French conman George Psalmanazar
Britain’s earliest regular commercial contact with China was made through a trading post in Taiwan (Formosa), established in 1672. Until well into the eighteenth century so little was known in Europe about the island that French conman George Psalmanazar was able to masquerade as Formosan.
Psalmanazar, whose real name is unknown, was born in the south of France, and educated by Jesuits. Early in life he went to Germany where he posed as Japanese. Presumably he had read of Japan in works by Jesuit writers. Still posing as Japanese, he became a soldier in the Netherlands. There he came to the notice of William Innes, chaplain to a Scots regiment, who suggested he pretend to be Formosan, as that country was even less well-known than Japan. Innes publicly baptised Psalmanazar and accompanied him to England where he was promoted as an oriental convert to Anglicanism.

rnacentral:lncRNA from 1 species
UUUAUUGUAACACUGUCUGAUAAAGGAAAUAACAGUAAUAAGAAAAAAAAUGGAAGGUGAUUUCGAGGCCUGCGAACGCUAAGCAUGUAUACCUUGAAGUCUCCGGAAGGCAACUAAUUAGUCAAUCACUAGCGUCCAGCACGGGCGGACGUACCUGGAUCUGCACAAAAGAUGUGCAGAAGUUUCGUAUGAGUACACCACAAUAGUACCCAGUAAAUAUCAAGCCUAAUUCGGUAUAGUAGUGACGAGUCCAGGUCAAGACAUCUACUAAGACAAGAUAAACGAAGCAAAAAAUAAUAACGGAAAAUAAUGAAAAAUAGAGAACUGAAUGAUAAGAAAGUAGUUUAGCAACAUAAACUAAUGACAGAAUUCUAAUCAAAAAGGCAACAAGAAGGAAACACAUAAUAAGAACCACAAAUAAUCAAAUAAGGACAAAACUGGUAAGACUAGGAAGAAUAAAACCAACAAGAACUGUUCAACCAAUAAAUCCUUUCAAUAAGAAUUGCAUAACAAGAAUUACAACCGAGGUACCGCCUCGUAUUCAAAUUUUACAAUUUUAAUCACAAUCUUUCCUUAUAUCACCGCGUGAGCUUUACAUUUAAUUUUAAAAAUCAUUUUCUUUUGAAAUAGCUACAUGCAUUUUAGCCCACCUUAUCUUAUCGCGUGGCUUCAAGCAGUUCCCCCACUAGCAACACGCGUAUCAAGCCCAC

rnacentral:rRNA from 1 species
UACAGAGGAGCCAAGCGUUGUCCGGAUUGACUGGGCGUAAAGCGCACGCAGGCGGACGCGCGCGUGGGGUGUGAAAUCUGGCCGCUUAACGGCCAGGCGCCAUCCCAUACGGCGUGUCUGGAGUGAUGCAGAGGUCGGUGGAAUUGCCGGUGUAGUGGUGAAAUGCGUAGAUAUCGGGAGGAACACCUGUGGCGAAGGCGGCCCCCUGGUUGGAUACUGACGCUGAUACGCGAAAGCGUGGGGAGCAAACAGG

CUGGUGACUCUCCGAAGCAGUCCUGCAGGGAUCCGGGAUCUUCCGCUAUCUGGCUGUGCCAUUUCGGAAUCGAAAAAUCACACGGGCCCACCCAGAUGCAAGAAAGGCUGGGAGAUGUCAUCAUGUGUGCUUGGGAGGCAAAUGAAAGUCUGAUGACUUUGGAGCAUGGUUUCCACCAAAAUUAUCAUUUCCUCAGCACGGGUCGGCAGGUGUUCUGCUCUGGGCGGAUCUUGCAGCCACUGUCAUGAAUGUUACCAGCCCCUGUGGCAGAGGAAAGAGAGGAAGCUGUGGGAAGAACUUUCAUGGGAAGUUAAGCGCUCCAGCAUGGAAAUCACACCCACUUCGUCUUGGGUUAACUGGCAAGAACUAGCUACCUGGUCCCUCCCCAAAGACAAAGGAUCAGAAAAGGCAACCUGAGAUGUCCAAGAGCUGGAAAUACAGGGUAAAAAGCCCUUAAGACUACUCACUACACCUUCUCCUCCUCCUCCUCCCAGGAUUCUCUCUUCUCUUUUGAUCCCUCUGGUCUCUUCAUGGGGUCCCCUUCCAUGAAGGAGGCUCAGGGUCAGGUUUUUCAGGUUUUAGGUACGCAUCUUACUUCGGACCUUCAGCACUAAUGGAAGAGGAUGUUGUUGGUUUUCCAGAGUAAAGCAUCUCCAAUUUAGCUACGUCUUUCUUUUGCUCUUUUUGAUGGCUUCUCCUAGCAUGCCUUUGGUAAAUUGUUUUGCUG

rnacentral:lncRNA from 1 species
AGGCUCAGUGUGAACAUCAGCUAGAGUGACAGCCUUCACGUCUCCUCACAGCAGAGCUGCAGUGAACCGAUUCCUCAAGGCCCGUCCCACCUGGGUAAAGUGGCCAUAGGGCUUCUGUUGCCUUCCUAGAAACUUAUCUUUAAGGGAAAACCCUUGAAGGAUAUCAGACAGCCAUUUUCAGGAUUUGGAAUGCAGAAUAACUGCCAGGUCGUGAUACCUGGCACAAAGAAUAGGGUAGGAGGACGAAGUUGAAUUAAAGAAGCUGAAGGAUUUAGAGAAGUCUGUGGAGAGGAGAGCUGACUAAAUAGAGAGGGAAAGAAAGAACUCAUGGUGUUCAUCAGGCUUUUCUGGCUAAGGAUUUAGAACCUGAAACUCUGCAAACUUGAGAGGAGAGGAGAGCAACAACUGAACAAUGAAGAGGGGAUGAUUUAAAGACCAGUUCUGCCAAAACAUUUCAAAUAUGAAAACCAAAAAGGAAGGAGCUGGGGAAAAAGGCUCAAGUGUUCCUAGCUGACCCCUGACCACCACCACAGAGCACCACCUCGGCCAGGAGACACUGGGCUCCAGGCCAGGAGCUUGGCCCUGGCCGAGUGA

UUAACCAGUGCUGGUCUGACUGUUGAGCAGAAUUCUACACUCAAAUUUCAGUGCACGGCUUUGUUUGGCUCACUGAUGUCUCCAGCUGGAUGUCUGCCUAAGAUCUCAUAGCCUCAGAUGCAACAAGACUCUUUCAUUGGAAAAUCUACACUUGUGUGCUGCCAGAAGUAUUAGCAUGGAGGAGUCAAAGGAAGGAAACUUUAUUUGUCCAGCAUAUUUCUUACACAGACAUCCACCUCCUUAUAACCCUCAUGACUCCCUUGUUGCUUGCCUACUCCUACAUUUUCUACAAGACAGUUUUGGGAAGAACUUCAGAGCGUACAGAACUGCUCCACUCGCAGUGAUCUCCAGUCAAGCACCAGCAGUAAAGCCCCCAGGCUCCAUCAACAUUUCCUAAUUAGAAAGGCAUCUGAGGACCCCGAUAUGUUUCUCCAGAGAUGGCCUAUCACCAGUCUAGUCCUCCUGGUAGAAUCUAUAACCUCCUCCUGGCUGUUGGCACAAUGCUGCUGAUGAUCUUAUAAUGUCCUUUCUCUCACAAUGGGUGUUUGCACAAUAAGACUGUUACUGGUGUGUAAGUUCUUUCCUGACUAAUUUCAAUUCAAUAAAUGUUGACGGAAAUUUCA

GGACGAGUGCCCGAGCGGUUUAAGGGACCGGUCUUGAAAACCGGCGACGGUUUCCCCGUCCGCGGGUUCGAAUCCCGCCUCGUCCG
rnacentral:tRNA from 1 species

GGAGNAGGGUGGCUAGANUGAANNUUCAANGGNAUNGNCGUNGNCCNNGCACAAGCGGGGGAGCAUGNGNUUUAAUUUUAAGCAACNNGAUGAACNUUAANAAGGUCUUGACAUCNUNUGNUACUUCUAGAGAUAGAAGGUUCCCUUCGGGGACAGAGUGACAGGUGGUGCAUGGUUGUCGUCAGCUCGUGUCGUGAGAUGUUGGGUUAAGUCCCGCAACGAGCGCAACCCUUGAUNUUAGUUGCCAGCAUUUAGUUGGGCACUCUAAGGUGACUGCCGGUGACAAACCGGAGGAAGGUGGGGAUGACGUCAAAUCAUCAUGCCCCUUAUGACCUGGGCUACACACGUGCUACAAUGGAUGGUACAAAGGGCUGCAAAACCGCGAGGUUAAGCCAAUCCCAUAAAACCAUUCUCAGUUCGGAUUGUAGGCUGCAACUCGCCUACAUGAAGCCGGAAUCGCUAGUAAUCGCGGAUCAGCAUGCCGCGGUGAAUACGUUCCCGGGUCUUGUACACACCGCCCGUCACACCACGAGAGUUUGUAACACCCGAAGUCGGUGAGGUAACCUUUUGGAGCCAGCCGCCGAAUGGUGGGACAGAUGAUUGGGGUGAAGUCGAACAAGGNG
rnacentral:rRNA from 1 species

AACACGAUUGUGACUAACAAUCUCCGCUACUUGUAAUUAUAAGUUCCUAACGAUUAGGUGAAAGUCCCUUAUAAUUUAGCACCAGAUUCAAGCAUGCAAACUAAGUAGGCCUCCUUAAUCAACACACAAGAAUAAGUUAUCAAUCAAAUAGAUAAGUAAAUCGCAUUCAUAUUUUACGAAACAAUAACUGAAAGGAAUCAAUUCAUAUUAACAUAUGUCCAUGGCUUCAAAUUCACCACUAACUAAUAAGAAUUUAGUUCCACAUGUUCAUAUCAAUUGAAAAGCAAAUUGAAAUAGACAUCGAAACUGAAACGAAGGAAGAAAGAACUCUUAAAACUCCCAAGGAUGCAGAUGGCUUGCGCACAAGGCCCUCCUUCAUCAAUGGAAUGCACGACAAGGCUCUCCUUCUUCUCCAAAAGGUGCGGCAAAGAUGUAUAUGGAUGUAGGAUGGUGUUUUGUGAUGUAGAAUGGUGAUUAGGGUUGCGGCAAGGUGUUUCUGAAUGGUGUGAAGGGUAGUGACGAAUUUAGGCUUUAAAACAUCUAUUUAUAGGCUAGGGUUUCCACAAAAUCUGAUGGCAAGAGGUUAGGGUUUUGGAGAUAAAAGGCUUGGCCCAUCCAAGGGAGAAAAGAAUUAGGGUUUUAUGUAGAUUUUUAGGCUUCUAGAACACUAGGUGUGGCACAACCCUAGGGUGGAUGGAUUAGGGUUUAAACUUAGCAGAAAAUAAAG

Psalmanazar, with his talent for languages, was able to fabricate a "Formosan" language, and give detailed descriptions of "his country", most of which was gleaned from books or simply made-up. He became a celebrity, and was taken up by Sir Hans Sloane and other members of the Royal Society. The deception culminated in the publication of his Historical and geographical description of Formosa (London, 1705). The book includes details of his "Formosan" language and illustrations of "Formosan" religious customs. The image here shows a detail from a religious ceremony described in the book. The illustrator has drawn the elephant’s feet as paws.